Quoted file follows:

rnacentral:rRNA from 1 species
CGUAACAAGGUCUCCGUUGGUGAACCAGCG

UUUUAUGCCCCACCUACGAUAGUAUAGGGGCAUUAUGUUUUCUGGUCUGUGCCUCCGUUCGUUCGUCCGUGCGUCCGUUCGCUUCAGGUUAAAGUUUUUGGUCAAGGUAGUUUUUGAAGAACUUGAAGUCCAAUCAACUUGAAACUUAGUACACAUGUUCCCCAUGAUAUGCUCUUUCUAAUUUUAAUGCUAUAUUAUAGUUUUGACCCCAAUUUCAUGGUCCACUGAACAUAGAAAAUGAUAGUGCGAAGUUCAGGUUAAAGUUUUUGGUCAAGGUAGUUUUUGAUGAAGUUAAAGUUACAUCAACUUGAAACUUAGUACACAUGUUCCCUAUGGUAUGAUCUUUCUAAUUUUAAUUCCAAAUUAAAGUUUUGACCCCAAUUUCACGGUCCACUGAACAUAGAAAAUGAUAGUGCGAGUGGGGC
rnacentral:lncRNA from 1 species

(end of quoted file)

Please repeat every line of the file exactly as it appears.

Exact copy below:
rnacentral:rRNA from 1 species
CGUAACAAGGUCUCCGUUGGUGAACCAGCG

UUUUAUGCCCCACCUACGAUAGUAUAGGGGCAUUAUGUUUUCUGGUCUGUGCCUCCGUUCGUUCGUCCGUGCGUCCGUUCGCUUCAGGUUAAAGUUUUUGGUCAAGGUAGUUUUUGAAGAACUUGAAGUCCAAUCAACUUGAAACUUAGUACACAUGUUCCCCAUGAUAUGCUCUUUCUAAUUUUAAUGCUAUAUUAUAGUUUUGACCCCAAUUUCAUGGUCCACUGAACAUAGAAAAUGAUAGUGCGAAGUUCAGGUUAAAGUUUUUGGUCAAGGUAGUUUUUGAUGAAGUUAAAGUUACAUCAACUUGAAACUUAGUACACAUGUUCCCUAUGGUAUGAUCUUUCUAAUUUUAAUUCCAAAUUAAAGUUUUGACCCCAAUUUCACGGUCCACUGAACAUAGAAAAUGAUAGUGCGAGUGGGGC
rnacentral:lncRNA from 1 species